By Richard Roeper
The Greatest Showman
Directed by Michael Gracey
Just about every moment in The Greatest Showman is dripping with corny and cheesy and shameless sentiment.
No kidding, there were times when I rolled my eyes to the ceiling with all the subtlety of a round-faced emoji.
But then I’d look down and realize my foot was once again tapping in time to the beat of the catchy tunes, at which point I’d just settle back and acknowledge I was thoroughly enjoying myself, despite all cynical instincts.
Directed by Michael Gracey and featuring songs from the immensely talented and red-hot duo of Benj Pasek and Justin Paul (Oscar winners for La La Land, Tony winners for Dear Evan Hansen), The Greatest Showman has the look and feel of a Broadway hit adapted for the big screen, but it is wholly separate from Barnum, the musical that debuted in New York in 1980.
This is an original work, inspired by the life and times of the legendary 19th-century promoter P.T. Barnum, who didn’t actually coin the phrase “There’s a sucker born every minute,” but most certainly was devoted to finding new and creative ways to attract a crowd — even if it meant stretching the truth and inventing narratives in order to sell tickets.
It’s an easy casting decision to have Hugh Jackman play Barnum, given Jackman’s credentials as a Broadway performer and, of course, the film version of Les Miserables. (Hey. Don’t blame Jackman for the Russell Crowe insanity.) Jackman is an old-fashioned movie star, equally effective as the anti-hero Logan and the play-it-to-the-rafters P.T. Barnum.
The Greatest Showman opens with Jackman/Barnum in splashy splendor, center stage, wearing a beautiful red coat, sporting a top hat and twirling his cane. With the chorus providing a backbeat and vocals that sound like something out of an anthem from Queen, Barnum sings: “It’s everything you ever want, it’s everything you ever need, and it’s right in front of you… This is where you wanna be!”
And 10 days after seeing the movie, as I type these words, I don’t stand a chance of NOT hearing that tune (titled “The Greatest Show”) all over again. It’s the first of at least a half-dozen undeniably addictive numbers.
As the music fades, Barnum finds himself alone onstage, wondering where everyone has gone. Cue the flashback and the real start of the story.
After a heavy-handed sequence in which the young and impoverished P.T. (Ellis Rubin) first sets eyes on the privileged but sweet Charity (Skylar Dunn) and they instantly fall in love, we flash forward a dozen years or so, with Jackman now playing P.T. and Michelle Williams as Charity. (OK, fine, they’re no more believable as 20-ish lovers than Robert Redford and Glenn Close in The Natural, but it’s not long before the story moves ahead another 10 years and we can go with it.)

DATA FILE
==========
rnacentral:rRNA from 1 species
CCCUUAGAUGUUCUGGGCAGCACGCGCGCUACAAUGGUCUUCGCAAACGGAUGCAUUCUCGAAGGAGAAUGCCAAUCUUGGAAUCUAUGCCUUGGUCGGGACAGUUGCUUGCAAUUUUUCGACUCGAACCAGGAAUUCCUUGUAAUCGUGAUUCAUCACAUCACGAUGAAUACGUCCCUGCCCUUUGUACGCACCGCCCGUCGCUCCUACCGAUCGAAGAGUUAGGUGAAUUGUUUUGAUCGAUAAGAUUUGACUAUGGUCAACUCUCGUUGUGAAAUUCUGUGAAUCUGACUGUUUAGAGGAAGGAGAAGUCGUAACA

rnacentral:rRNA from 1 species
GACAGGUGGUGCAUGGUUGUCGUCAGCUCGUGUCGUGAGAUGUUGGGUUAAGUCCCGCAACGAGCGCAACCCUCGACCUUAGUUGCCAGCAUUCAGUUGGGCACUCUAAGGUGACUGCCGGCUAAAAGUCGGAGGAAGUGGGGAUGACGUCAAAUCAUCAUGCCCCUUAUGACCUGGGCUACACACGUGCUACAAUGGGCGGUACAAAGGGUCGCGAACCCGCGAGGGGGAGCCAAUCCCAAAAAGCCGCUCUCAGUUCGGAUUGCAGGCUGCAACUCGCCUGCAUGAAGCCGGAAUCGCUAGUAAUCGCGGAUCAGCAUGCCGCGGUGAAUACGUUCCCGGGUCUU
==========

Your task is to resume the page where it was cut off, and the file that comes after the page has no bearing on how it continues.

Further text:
Through the years (and the birth of two daughters), as the family barely survives, Charity remains supportive of P.T. and his dreams — and just when all hope seems dashed, P.T. comes up with the mad scheme to showcase the outcasts, the unusual, the “freaks” of the world. And it works!
We rarely go more than 10 minutes without the characters breaking into song — and not in the “live singing” style of Les Miserables, but in a manner that makes it clear Jackman et al. are lip-syncing to previously recorded material. When it’s a big production number highlighting dance moves and group singing, that’s not an issue. When it’s an intimate moment with just two performers, it’s an issue.
Still, there’s not a clunker in the entire soundtrack.
Even after P.T. achieves great success and fame as a showman, he yearns to be accepted as more than a huckster. To that end, he brings the famous Swedish opera singer Jenny Lind (Rebecca Ferguson) to the States, ignoring his responsibilities to circus and family as he devotes all his attention and finances to Jenny’s American tour.
Hmmm, perhaps P.T. will have to hit rock bottom and even contemplate giving into temptation before he realizes what’s truly important in life!
Zac Efron, who’s kind of a mini-Jackman in that he can do the song-and-dance stuff, but also straight dramatic material (although he still has a long way to go to match Jackman’s total skill set), is terrific as Phillip Carlyle, a to-the-manor-born type who risks becoming a society outcast when he partners up with P.T. Given the tenor of the times and the world in which he was raised, Phillip must decide if he’ll take an even bigger risk when he falls in love with Anne Wheeler (Zendaya), a black trapeze artist.
My favorite number in The Greatest Showman is when the bearded lady (Keala Settle, in a lovely and funny and warm performance) leads the charge after the “freaks” find themselves on the outside looking in yet again; instead of resorting to their lifelong default mode of slipping into the shadows, they respond with a defiant, strength-in-numbers, badass song of affirmation.
With all that corn and cheese and old-timey sentiment, The Greatest Showman ends up scoring some very timely social arguments. P.T. Barnum himself would have approved the dramatic sleight of hand. — Chicago Sun-Times/Andrews McMeel Syndication
Rating: Three stars
MTRCB Rating: PG